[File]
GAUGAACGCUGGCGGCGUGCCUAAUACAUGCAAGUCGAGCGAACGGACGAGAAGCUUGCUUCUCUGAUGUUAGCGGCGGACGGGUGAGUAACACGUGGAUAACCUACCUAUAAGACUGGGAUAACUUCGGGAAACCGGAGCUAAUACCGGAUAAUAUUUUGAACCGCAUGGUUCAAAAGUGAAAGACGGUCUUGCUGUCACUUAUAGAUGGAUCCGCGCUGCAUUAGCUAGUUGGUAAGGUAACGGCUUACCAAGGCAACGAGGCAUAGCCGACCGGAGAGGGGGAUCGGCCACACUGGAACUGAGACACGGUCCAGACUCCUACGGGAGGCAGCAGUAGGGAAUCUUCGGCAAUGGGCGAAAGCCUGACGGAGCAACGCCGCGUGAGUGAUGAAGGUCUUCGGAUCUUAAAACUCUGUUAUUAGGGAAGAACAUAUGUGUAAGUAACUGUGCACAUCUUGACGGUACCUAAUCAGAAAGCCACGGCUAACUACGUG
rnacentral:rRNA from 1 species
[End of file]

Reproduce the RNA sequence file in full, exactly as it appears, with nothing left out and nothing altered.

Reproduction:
GAUGAACGCUGGCGGCGUGCCUAAUACAUGCAAGUCGAGCGAACGGACGAGAAGCUUGCUUCUCUGAUGUUAGCGGCGGACGGGUGAGUAACACGUGGAUAACCUACCUAUAAGACUGGGAUAACUUCGGGAAACCGGAGCUAAUACCGGAUAAUAUUUUGAACCGCAUGGUUCAAAAGUGAAAGACGGUCUUGCUGUCACUUAUAGAUGGAUCCGCGCUGCAUUAGCUAGUUGGUAAGGUAACGGCUUACCAAGGCAACGAGGCAUAGCCGACCGGAGAGGGGGAUCGGCCACACUGGAACUGAGACACGGUCCAGACUCCUACGGGAGGCAGCAGUAGGGAAUCUUCGGCAAUGGGCGAAAGCCUGACGGAGCAACGCCGCGUGAGUGAUGAAGGUCUUCGGAUCUUAAAACUCUGUUAUUAGGGAAGAACAUAUGUGUAAGUAACUGUGCACAUCUUGACGGUACCUAAUCAGAAAGCCACGGCUAACUACGUG
rnacentral:rRNA from 1 species